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Co-production needs to take us out of our comfort zone in order to work

Fiona McLaughlin

Co-production should be both straightforward and challenging. We should be outside our comfort zones, moving away from 'us' and 'them' and working towards 'we'. Read what Fiona McLaughlin has to share on what makes co-production work.

I am a patient, a former carer and a volunteer.  I spend more time than I could ever have imagined possible, thinking, talking and writing about how the Northern Ireland health system works. Sometimes I get heard. Somtimes I get cross.

A huge talking point and area for development these days is "co-production". Its all part of the Delivering Together agenda that our politicians agreed on before they decided to disagree on other things.

Co-production should be straightforward and challenging.  We should be outside our comfort zones, moving away from "us" and "them" and working towards "we".

A bit like Pilates, if we're not uncomfortable sometimes we're not doing it right. It requires all of us to work differently and, ultimately, to produce better results for all.

Co-production is where power is shared, different expertise and experiences are valued and considered in the development and delivery of public services, and trust and partnership working are at the core to improve outcomes.

It will only work if there is a fundamental recognition of the power relationships that accompany the process.

We should remember:

  • Plain English is preferred. Exclusive jargon (yes, "mutuality" and "reciprocity", I mean "you") should be avoided.
  • Dont just talk about 'working differently'; choose to work differently.
  • Patients and carers give up their time to participate in co-production and other Personal and Public Involvement activities on a voluntary basis.  It is not enough to provide coffee, sandwiches and bus fares.  Time needs to be well spent - bored or ignored people will not return to the work.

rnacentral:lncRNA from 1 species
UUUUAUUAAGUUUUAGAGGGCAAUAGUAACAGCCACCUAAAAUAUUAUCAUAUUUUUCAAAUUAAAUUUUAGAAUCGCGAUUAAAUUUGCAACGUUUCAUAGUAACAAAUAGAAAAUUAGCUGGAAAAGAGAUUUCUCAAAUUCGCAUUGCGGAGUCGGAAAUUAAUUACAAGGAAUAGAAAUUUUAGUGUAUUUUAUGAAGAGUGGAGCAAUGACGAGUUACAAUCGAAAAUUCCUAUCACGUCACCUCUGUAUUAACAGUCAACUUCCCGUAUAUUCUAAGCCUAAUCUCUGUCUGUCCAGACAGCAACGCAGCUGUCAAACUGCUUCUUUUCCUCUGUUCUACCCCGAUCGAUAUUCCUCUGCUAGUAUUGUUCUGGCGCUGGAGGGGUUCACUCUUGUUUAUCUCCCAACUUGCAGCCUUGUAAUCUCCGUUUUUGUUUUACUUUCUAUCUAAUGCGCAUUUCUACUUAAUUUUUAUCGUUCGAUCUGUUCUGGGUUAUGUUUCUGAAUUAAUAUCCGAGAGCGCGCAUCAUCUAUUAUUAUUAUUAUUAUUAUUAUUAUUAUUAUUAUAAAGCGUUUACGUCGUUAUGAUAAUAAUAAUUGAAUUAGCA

• Everyone involved should have access to practical support, such as training and mentoring.
  • Co-produced work should be valued and recognised. It should not be consigned to the shelf or "redone" for no apparent reason.

We each have our own experiences. We may have been bruised by previous engagements with 'them'. Trust doesn't develop easily, and wishing won't make it so.

We need to deliberately build relationships based on openness, transparency and shared decision-making.

Co-production has the potential to transform our health and social care systems for the better.  The same people, continuing to talk to each other in closed spaces, will not be co-production.

Bringing new people 'to the table' is not enough.  We need to move the table and encourage everyone to join in as equal partners.

Of course its challenging.  Everything worthwhile is.


Do you have any examples of when co-productioin has worked well and when it hasn't?


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Previous comments ...

Christine Morgan 24-Apr-2017 at 20:20 hrs

My best example I when a group of disgruntled patient & carer people/activists got together & Alison Cameron talked to Helen Bevan form NHS Horizons to see if we pull off a 'People's Transformathon' which was led by patients and carers and who co-productively invited clinicians and professionals to work with us. This was sponsored by the People & Communities Board, using their '6 Principles for engaging People & Communities' as a framework - and made technically possible by Helen and the Horizons team. We broadcast live for 8 hours in November 2016 and the broadcasts are available along with additional resources on The Edge website see link: